Tuesday, January 04, 2011

Glennon's Dodecahedron

The Dodecahedron: or, a Frame for Frames / Paul Glennon
Erin, ON: Porcupine's Quill Press, c2005
224 p.

A suitable book with which to begin a new year full of bookish talk and reviews, The Dodecahedron is all about books, text, and the elusive nature of written truth. It is a collection of twelve stories which, while not linked in a traditional manner, do refer to one another as narratives. It begins with a tale of a young boy who literally eats his father's library page by page to keep it from an unnamed but menacing SS style of police force. There are stories of a monastery up in the edges of the Arctic Circle who spend the months of dark dreaming and the months of daylight creating manuscripts filled with their dreams and visions of alternate history. And there are many other creative and fascinating characters and situations -- a collector of messages in bottles, a polygamist, a lost Arctic explorer, and many others. One thing I did notice however, is that the stories are all very male, with men as the main characters and quite a masculine feel to the text. And perhaps the style of the narrative is also quite male, in that there are arbitrary limits set which shape the structure of the book -- this is something I think male authors find more appealing, generally.

Glennon set his own limits on his "novel of sorts" by following Oulipian principles (OuLiPo is a group of mostly French authors who create literature based on arbitrary constraints of their own making). Glennon explains these principles in the book’s afterword:

Each chapter was to be as self-contained and whole as any short story. As in a story cycle, each story would cast a new light on the ones that preceded it, and promote a novel-like unity of themes. What I did not want to write was a cyclical book, in which the final story is the final word, a story with more authority than all others, one that casts a sort of judgment on the rest ... I envisioned a book in which each of the twelve chapters or stories represented a face of the dodecahedron ... In A Frame for Frames these sides represent a relationship to an adjacent story…Each story must refer to or be referred to by each of the five stories adjacent to it.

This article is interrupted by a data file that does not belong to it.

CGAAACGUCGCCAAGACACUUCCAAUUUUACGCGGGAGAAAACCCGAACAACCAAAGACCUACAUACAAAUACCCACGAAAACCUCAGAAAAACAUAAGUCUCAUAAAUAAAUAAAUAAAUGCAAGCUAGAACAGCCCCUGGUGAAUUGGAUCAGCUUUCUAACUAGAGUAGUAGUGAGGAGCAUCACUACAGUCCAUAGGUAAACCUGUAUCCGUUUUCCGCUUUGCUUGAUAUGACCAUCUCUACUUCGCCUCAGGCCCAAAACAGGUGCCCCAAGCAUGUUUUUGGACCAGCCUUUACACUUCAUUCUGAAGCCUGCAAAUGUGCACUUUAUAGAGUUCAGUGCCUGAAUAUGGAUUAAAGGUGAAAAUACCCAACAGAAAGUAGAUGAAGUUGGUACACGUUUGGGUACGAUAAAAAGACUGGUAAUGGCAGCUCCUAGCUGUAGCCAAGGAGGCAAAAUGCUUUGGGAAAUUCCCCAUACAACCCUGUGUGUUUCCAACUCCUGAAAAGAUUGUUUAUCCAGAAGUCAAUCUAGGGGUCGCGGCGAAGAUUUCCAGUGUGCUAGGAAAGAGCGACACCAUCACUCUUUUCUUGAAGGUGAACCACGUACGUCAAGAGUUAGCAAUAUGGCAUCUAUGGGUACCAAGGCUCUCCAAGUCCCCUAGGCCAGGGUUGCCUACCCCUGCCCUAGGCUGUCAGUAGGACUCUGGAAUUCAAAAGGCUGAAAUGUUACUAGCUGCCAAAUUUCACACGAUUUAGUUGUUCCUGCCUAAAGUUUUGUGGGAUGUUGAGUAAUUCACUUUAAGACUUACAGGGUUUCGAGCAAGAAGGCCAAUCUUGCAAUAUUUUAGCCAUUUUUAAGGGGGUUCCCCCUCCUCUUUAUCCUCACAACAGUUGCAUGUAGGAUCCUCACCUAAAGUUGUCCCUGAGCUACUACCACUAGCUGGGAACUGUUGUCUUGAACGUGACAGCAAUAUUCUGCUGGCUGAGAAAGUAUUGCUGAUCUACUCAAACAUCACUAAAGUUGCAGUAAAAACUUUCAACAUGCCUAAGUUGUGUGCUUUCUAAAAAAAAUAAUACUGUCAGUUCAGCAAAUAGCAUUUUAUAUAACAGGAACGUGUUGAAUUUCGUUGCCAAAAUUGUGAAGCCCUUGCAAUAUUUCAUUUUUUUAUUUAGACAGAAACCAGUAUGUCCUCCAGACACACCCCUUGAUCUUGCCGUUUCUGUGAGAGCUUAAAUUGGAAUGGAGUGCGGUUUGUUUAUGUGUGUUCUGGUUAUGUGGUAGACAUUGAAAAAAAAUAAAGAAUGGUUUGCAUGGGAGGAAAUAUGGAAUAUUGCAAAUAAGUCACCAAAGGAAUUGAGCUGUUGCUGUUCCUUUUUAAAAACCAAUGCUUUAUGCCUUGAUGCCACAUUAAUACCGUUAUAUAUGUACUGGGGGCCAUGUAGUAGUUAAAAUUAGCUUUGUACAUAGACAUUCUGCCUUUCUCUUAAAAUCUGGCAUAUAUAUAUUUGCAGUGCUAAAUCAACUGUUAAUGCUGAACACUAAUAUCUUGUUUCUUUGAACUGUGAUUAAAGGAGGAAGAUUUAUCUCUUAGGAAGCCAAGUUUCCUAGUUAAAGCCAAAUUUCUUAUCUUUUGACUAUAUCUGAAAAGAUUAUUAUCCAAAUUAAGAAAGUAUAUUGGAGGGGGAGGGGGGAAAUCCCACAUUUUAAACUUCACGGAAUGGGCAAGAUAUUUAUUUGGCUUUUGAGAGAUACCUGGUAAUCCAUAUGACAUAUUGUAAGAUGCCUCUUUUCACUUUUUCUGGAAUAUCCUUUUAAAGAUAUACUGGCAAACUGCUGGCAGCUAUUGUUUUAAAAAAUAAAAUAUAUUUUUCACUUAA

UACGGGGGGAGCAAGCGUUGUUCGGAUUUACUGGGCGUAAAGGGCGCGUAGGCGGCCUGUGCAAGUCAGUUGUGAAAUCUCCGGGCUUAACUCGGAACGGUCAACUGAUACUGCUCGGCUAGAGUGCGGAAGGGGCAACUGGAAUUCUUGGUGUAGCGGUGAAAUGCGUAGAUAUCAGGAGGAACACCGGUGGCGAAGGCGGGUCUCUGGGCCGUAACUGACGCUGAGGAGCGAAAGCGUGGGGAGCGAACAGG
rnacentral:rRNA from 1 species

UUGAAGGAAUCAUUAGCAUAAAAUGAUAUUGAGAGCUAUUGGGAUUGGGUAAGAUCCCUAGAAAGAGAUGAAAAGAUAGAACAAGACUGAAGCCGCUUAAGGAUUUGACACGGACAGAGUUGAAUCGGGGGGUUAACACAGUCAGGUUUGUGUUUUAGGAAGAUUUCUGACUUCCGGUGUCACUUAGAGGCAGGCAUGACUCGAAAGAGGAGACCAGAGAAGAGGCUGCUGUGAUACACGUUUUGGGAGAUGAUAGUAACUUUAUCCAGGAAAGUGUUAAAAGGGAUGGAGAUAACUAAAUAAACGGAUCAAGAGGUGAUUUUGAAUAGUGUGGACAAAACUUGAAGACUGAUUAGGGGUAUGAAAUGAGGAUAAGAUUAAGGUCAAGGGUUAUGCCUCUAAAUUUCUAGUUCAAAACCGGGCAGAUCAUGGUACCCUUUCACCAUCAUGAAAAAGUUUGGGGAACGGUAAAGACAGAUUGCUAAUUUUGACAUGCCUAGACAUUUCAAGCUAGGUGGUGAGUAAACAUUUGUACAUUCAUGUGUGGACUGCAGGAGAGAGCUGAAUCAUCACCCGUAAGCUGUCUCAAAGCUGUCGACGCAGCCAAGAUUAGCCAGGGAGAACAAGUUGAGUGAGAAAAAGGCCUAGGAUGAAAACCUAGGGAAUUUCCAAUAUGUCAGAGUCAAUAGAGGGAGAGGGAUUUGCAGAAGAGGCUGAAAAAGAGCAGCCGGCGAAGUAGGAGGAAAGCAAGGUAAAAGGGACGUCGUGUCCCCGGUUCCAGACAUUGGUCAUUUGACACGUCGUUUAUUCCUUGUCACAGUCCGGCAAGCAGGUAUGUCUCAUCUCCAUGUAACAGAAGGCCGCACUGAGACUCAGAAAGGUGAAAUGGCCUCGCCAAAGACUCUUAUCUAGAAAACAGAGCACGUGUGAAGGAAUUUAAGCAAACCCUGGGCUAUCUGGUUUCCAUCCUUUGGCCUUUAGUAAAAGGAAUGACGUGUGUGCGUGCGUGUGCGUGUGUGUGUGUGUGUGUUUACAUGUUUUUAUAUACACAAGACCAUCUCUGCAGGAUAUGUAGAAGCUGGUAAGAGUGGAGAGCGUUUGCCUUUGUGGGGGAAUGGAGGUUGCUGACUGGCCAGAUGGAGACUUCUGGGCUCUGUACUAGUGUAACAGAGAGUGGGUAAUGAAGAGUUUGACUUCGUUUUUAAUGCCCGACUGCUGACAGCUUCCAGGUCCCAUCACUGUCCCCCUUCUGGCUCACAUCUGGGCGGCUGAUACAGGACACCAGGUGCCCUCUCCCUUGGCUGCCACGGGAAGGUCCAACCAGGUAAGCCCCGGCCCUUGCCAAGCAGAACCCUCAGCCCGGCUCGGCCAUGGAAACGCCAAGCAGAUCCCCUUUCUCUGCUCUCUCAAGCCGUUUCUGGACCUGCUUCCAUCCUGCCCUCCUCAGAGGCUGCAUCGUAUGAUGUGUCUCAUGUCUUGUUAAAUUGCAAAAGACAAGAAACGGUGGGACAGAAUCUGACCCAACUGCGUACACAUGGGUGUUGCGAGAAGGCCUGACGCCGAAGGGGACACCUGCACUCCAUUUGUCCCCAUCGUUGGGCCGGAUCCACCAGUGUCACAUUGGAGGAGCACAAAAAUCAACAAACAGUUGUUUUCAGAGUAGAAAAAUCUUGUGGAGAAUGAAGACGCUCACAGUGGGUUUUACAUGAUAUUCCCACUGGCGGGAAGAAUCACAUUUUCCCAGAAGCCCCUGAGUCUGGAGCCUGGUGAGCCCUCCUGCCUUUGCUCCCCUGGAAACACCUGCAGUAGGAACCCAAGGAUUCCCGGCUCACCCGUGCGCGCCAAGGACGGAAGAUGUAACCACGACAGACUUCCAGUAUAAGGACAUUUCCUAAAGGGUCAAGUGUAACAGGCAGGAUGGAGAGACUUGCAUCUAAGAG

I'm not sure about all the literary principles, but Glennon certainly succeeded in making each story equally authoritative. Even after reading them all and then going back to a couple of them for a second look, it is never hinted anywhere that one or any of the stories is the final authority on what to believe about all these linked narratives. It's a wonderful read for that reason, even if I did have favourites --and not so favourites -- among the stories. But, because it is so self-consciously literary, with the dense interrelated stories spiraling off into mind-bending directions at times, I did have to read it quite slowly. One story, put it down and think, then another the next day.

It was an intriguing read, certainly, and one a bookish reader may enjoy.

Paul Glennon, born in England but resident in Ottawa since 1975, has been published in Descant, Matrix, Canadian Fiction Magazine, and the Blue Penny Quarterly. He has an MA from the University of Ottawa and currently works in the software industry. He also has a young adult series on the go.